Types of OU patterns, abbreviations and nomenclature Counts of words of different lengths N from 2 to 7-mer were analyzed in this work applying different schemes of normalization. Different types of OU patterns were abbreviated as type _N- mer. Types were "n0" for non-normalized "n1" for normalized by mononucleotide frequencies, "n2" for normalized by dinucleotides and so on. For example, the non-normalized tetranucleotide usage pattern is denoted as n0_4 mer, trinucleotide usage pattern normalized by dinucleotides is n2_3 mer, pentanucleotide usage pattern normalized by trinucleotides is n3_5 mer. Each OU pattern is characterized by three statistical parameters: D – distance between two patterns of the same type (in this work we used distances D between local and global genome patterns) PS – pattern skew distance between the two patterns of the direct and reverse strands of the same DNA sequence and OUV – oligonucleotide usage variance. Correspondingly the nomenclature is as follows: distance between a local n0_4 mer pattern and the corresponding global pattern – D:n0_4 mer pattern skew of a n0_3 mer pattern – PS n0_3 mer variance of a n3_7 mer pattern – OUV n3_7 mer. Two subtypes of normalization of local OU patterns were defined: normalized by frequencies of component words in the current genomic fragment (internal normalization, i) and in the complete sequence of the genome (global normalization, g). For example, internal and global OUV determined for a local n1_4 mer pattern were OUV:n1 i _4 mer and OUV:n1 g _4 mer, respectively. Internal normalization was always used in this study with the exception of the chapter "Identification of horizontally transferred elements" where the distances between OUV:n1 i _4 mer and OUV:n1 g _4 mer are analyzed. To simplify nomenclature, the index i was skipped in the pattern type abbreviation in all other chapters.
OU constraints in bacterial DNA
Local variations of OU patterns
Genetic repertoire of loci characterized by atypical tetranucleotide usage patterns and extreme OUV (section III in Fig. 4) identified in bacterial chromosomes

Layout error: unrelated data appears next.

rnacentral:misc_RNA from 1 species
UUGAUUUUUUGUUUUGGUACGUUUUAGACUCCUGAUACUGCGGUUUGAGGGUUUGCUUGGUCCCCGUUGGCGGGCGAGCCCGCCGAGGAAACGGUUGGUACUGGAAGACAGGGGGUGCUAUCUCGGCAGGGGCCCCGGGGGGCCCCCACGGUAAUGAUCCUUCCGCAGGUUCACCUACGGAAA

Genes and the encoded protein
putative hemagglutinin/hemolysin-related protein
non-coding multiple repeats TTTAGAAA
Bordetella bronchiseptica RB50
BB1186: putative hemolysin
Bradyrhizobium japonicum USDA110
Corynebacterium efficiens YS-314
fasA: fatty-acid synthase I
fasB: fatty-acid synthase II
Deinococcus radiodurans R1 chromosome 1
DR1461-1462: hypothetical proteins
non-coding tandem repeats CCCGCCC
E. coli O157:H7
Z0609, Z0615: RTX family exoproteins
Mycobacterium tuberculosis H37Rv
Rv0272c-Rv0279c hypothetical Gly-, Ala-rich proteins
Rv0297-Rv0304c: hypothetical Gly-, Ala-, Asn-rich proteins
Rv0355c: Asn-rich protein
Rv0573c-Rv0578c: hypothetical Gly-rich proteins
Rv0742-Rv0747: hypothetical Gly-rich proteins
Rv1060-Rv1068c: hypothetical Gly-, Ala-rich proteins
Rv1084-Rv1092c: hypothetical proteins
multiple repeats CCGCCGCCA
Rv2490c-Rv2494: hypothetical Gly-rich proteins
Pseudomonas aeruginosa PAO1
PA1874: hypothetical protein
P. putida KT2440
PP0168: Thr-rich surface adhesion protein
PP0806: surface adhesion protein
P. syringae DC3000
PSPTO3229: filamentous hemagglutinin
Rhodopirellula baltika 1
RB3077: putative cyclic nucleotide binding protein
RB4375: large polymorphic membrane protein, probable extracellular nuclease;
RB11769: probable aggregation factor core protein MAFp3
Rhodopseudomonas palustris CGA009
conserved hypothetical protein
conserved hypothetical protein
Sulfolobus solfataricus P2
non-coding tandem repeats GAATTGAAAG
Staphylococcus aureus N315
ebhA – ebhB: large surface anchored proteins